And in case you’re wondering, The Vampire Diaries is back and I’m still hoping that SOMEONE OF IMPORTANCE (read: Elena**) is going to die and stay dead. This has yet to happen. I have a feeling it never will.

*VAM-pie-ur. SUH-kie. She-YET. These are all words I’ve learned from True Blood.

**I named a character in my novel Elena. She died. A horrible death. There was much gnashing of body parts, but not so much of teeth.

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“In Exile” by Lisa Gerrard and “The Proximity of Death (Blue Eyed Boy)” by Jordan Reyne

It’s almost Monday, right? Not that I’ve been sticking to the Muscial Mondays all too vigorously as of late, but as a friend (hi, Jessica!) once pointed out, she keeps tabs on my musical tastes and enjoys my recommendations. Which is really just a way of me saying I’m flattered that many people think it’s okay to bribe someone in order to destroy American Idol forever so no one has to be subjected to Daughtry ever again I can spice up music collections.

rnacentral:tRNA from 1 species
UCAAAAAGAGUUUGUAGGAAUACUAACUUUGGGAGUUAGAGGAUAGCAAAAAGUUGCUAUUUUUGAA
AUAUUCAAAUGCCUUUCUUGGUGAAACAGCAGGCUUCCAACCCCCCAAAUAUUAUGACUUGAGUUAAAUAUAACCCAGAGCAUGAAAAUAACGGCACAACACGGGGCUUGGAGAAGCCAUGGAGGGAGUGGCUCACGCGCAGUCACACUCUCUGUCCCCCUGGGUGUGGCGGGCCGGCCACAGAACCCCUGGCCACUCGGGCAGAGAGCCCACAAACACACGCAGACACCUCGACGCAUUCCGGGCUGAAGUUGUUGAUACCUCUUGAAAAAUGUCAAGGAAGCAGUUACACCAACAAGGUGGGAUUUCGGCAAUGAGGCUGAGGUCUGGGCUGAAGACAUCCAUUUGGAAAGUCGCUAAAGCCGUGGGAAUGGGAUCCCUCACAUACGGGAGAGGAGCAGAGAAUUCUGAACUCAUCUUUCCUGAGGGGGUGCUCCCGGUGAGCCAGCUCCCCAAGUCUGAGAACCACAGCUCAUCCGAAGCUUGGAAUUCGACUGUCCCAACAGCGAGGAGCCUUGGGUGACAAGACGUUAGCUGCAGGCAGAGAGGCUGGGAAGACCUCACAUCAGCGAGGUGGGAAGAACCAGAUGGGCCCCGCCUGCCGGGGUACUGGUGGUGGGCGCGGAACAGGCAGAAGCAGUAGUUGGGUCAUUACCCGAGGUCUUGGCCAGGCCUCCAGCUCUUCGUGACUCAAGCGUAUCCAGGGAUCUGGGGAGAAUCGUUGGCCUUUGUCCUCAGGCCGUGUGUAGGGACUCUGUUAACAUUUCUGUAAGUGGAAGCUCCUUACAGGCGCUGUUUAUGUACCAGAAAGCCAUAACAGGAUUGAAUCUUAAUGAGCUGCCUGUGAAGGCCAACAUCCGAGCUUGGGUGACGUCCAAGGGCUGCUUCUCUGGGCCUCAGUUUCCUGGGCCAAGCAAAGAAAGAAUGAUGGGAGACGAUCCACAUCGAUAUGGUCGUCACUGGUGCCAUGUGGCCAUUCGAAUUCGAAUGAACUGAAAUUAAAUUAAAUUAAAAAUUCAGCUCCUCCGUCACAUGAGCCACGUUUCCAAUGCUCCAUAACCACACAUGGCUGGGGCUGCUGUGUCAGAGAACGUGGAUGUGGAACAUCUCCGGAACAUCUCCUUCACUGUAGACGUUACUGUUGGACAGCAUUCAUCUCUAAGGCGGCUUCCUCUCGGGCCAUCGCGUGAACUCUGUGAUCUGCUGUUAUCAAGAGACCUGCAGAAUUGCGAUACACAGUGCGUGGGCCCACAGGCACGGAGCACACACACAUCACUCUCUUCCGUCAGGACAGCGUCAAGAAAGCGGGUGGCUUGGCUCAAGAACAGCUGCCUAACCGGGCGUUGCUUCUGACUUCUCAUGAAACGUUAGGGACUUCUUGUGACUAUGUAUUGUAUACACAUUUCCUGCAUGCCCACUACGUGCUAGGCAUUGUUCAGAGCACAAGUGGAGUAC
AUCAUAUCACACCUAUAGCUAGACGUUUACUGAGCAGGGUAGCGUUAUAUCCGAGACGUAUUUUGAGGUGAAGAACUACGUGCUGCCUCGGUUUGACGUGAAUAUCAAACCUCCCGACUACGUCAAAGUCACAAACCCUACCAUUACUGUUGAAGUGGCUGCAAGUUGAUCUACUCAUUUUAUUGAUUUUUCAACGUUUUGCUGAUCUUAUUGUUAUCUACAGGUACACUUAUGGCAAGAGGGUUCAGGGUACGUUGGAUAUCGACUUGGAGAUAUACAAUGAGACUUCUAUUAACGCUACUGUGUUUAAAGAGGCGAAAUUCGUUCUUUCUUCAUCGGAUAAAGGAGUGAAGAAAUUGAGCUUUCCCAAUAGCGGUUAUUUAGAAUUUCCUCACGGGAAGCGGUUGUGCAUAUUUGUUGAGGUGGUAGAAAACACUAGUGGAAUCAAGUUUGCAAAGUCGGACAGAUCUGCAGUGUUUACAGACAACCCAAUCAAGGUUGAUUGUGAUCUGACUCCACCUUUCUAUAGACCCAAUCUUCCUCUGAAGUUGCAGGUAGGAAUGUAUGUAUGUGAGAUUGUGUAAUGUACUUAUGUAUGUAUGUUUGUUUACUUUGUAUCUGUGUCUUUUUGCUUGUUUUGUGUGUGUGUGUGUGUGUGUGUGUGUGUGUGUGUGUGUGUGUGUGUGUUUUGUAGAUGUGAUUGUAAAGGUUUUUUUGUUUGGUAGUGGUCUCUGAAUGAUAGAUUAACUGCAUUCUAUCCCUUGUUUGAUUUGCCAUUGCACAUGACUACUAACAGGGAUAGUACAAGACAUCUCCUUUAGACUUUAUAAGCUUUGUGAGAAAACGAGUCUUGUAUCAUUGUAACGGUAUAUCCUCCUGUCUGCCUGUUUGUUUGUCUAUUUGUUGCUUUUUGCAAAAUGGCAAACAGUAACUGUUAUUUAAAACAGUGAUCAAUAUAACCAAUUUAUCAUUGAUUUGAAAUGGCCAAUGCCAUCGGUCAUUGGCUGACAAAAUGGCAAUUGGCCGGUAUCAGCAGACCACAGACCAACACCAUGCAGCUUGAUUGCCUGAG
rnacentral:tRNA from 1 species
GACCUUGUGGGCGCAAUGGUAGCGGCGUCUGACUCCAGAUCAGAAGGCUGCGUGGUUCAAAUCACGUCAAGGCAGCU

Lisa Gerrard is the lucky lady tonight and the song “In Exile” is off of her second solo album The Silver Tree. (The cover, to me, looks like the tree o’ dead bodies in 300, but that just makes her more awesome.) I say solo album because Ms. Gerrard likes to collaborate and was a founding member of Dead Can Dance, one of my favorite bands in the darkwave/dream pop/goth rock genre. Which is more impressive than that sounds. Most people, however, will recognize her voice from the vast amount of soundtrack collaboration she’s done, and most notably, the theme to Gladiator. (And if there’s one thing I love, it’s stamping my toilet with cleaners that turns the water blue. And if there are two things I love, it’s stamping my toilet with cleaners that turns the water blue and crazy socks. And if there are three things I love, it’s those two and movies where ‘British’ is synonymous with Greek, Roman, or my personal favorite, Bad Guy.)